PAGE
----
I normally use emacs (on Linux) running in windowing mode. I have bound a number of functions to special keypresses such as <C-return> and <kp-add>.

Ocasionally, I'm forced to run emacs in a text console, where some of the keypresses cannot be detected.

Is there a way I can tell a console-based emacs, "Pretend I just pressed <kp-add>"?


For keys which a terminal can't even send unmodified (which I suspect is the case with <kp-add>), you will need to bind some key which can be sent by the terminal.

You can bind a key to the keyboard macro [kp-add] in order that the alternative key sequence does whatever <kp-add> would have done:

(global-set-key (kbd "C-c p") (kbd "<kp-add>"))

You could even call a macro without a key binding:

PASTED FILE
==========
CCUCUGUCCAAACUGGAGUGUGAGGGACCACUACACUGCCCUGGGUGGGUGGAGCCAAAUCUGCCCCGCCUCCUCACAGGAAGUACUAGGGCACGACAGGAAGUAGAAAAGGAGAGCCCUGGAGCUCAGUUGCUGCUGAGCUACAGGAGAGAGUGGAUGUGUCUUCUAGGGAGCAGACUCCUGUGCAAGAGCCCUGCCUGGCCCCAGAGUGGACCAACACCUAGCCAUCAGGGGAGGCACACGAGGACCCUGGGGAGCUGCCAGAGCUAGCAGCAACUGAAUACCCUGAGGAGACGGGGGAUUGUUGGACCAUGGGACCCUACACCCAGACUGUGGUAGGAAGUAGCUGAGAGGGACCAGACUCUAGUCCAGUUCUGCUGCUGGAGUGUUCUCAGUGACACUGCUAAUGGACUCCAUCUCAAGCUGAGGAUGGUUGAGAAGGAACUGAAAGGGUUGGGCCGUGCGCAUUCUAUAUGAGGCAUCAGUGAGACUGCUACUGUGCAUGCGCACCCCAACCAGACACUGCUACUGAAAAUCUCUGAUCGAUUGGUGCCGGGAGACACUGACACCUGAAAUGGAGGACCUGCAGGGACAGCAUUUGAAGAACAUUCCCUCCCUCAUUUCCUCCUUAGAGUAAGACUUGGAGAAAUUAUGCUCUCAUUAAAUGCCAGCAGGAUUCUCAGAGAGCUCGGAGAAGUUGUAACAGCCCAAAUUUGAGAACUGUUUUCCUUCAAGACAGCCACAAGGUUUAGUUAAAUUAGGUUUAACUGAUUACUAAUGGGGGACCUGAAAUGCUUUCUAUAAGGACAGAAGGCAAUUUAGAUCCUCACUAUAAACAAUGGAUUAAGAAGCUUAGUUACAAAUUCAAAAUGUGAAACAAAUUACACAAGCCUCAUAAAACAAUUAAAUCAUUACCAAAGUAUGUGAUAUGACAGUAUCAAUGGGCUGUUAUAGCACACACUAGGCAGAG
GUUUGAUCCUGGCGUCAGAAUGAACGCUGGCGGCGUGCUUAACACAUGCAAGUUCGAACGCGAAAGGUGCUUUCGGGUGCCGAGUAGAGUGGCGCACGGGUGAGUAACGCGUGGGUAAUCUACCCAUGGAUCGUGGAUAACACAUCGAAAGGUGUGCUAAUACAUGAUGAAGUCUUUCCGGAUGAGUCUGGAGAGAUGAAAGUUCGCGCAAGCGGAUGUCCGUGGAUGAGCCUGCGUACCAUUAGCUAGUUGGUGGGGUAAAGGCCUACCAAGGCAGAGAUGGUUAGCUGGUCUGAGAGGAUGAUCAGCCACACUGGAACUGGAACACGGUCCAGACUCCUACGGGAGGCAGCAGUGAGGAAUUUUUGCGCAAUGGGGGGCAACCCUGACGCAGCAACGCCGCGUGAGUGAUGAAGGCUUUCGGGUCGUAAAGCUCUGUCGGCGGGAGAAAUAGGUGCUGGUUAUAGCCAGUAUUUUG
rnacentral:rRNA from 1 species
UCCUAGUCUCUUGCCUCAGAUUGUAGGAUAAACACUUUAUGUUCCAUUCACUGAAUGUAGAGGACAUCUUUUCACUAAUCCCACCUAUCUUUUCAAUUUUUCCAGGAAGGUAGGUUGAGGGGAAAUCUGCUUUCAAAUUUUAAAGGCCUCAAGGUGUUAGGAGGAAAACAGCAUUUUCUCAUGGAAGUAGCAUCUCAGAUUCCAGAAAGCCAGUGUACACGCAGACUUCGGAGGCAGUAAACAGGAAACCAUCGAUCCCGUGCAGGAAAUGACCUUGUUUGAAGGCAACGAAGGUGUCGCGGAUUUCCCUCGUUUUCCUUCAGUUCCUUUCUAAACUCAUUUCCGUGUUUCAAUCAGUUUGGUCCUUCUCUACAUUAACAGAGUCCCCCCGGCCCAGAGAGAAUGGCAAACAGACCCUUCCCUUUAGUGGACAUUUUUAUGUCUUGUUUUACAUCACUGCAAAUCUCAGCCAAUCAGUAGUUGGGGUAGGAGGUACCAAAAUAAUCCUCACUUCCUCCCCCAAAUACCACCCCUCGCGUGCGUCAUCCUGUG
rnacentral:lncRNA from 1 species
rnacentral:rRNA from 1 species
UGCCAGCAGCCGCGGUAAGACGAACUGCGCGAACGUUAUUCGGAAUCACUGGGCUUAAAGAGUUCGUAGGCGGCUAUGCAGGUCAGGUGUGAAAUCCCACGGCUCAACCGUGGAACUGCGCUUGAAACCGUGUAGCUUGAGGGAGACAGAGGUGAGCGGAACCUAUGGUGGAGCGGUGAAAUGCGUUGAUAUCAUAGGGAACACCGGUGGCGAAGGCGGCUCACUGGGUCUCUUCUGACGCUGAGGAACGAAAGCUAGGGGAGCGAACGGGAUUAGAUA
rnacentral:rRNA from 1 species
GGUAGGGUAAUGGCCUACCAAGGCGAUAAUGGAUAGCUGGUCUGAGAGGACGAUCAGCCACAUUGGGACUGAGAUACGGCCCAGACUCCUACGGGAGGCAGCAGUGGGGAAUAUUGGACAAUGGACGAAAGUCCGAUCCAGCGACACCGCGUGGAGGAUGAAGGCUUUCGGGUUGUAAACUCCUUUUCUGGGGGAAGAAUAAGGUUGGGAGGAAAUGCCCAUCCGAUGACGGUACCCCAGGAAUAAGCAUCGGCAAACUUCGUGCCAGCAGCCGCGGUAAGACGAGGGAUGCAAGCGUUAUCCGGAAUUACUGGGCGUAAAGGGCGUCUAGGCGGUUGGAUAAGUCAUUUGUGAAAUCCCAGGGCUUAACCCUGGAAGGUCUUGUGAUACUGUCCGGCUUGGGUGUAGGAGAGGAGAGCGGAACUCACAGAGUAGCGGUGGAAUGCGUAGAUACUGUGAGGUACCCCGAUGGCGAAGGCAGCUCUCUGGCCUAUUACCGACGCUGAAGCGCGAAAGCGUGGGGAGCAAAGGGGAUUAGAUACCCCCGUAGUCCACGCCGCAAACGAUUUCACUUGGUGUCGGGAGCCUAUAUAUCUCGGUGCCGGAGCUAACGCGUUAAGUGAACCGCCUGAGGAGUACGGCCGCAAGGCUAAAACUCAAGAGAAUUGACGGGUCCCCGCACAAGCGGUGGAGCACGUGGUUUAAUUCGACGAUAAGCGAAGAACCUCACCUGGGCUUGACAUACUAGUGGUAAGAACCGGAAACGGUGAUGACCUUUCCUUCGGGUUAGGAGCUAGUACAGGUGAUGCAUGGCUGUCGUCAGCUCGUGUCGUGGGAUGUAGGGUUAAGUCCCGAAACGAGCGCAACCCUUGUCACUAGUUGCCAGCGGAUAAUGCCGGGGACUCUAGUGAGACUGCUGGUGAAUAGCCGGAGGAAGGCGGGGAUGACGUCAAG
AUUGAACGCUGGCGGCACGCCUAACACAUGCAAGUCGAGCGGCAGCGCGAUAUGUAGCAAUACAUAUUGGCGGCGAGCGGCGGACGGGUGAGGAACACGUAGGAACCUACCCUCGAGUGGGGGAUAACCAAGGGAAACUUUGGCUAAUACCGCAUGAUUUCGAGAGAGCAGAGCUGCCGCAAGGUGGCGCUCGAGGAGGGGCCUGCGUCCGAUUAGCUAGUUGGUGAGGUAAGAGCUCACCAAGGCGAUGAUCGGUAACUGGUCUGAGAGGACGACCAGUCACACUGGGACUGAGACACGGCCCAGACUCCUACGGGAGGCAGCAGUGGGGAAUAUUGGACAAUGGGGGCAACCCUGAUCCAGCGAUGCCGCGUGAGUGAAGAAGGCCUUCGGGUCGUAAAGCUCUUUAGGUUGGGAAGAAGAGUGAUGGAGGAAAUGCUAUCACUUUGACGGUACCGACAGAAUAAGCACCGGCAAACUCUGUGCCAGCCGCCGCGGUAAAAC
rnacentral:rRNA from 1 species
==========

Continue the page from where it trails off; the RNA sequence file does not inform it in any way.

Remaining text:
M-: (execute-kbd-macro (kbd "<kp-add>")) RET

Alternatively, you could use function-key-map (or the terminal-local local-function-key-map) to directly map the key sequences like so:

(define-key function-key-map (kbd "C-c p") (kbd "<kp-add>"))

in which case Emacs translates C-c p to <kp-add> (as opposed to calling a macro which in turn simulates typing <kp-add>).

In practice, both methods ought to do the job.

<C-return> would be similar, but C-RET can be sent via event-apply-control-modifier like so:


If the terminal can send the unmodified key, you can use this approach to send a modified variant. Type C-x@C-h for the list of supported modifiers.

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